Stranger on Horseback (1955) with Judge Joel McCrea

Stranger_on_Horseback_film_poster.jpgI didn’t know my Grandpa too well because he passed away when I was fairly young but I always remembered hearing that he really enjoyed reading Louis L’Amour. It’s not much but a telling statement nonetheless. I’ve read and seen Hondo (1953), which stars John Wayne and Geraldine Fitzgerald, and yet I’d readily proclaim Stranger on Horseback the finest movie adaptation of an L’Amour novel.

Exhibit A is Joel McCrea as a circuit judge, highly principled but firm in his dealings. He’s not simply an idealist either also having the guts to back up his philosophy, packing a gun and walloping thugs when it’s called for. He comes off as an irreproachable, unstoppable enactor of justice — a truly fascinating hero to stand front and center in a western.

Exhibit B has to be one of the most underrated directors of this period in Jacques Tourneur who not only showed an early penchant for low budget black and white horror but in a handful of color westerns, he showcased an equal affinity for visual filmmaking. Shot in Anscolor, Stranger on Horseback is quite the looker, encapsulating the 1950s western landscapes of old. No budget is too minuscule and no runtime too short for Tourneur to make an interesting picture.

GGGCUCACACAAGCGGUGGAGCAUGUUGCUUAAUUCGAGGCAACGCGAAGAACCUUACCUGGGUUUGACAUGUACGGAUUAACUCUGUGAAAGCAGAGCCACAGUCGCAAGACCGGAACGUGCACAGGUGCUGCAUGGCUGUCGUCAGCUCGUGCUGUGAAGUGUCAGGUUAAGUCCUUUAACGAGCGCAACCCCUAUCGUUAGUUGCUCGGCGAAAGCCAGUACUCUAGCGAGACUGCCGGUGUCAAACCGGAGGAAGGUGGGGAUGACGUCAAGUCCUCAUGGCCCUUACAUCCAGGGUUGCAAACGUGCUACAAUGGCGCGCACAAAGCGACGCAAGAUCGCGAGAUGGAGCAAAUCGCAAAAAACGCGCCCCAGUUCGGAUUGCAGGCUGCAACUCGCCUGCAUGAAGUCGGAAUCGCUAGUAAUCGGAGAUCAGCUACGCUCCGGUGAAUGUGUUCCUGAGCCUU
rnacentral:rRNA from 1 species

The man rides past the unmistakable images of a pine box and a makeshift funeral. The dead man and the reasons for his death are still to be told. However, it becomes apparent very quickly that he was gunned down.

John Carradine leads the welcoming committee as the local attorney and stooge who is very conveniently on the Bannerman payroll and therefore in the family’s pocket. Because in a small place like this hidden away from the long arm of the national government, the Bannerman family and their associates remain king and they have their hand in everything.

The crotchety Josiah Bannerman (John McIntire) is looking to buy out the judge and invite him over to dinner to straighten him out about the killing that took place. He actually meets Judge Thorne and realizes full-well that’s not going to happen with such a principled man. For once there’s someone who isn’t afraid of him, even if he should be.

There’s his niece Amy Lee (Miroslava) who’s handy with a pistol and though she’s on the verge of marrying a feckless local boy, there’s a sense that he cannot give her anything. She is too strong like Bannerman. She needs a man who can match her self-assured toughness.

But it is Tom (Kevin McCarthy) the cocky, smart-aleck son who the judge forcibly takes to the local jailhouse to hold him for the murder of another man. Thorn’s put a target on his back and he knows that the retribution of Bannerman will come swiftly if he cannot be bought out.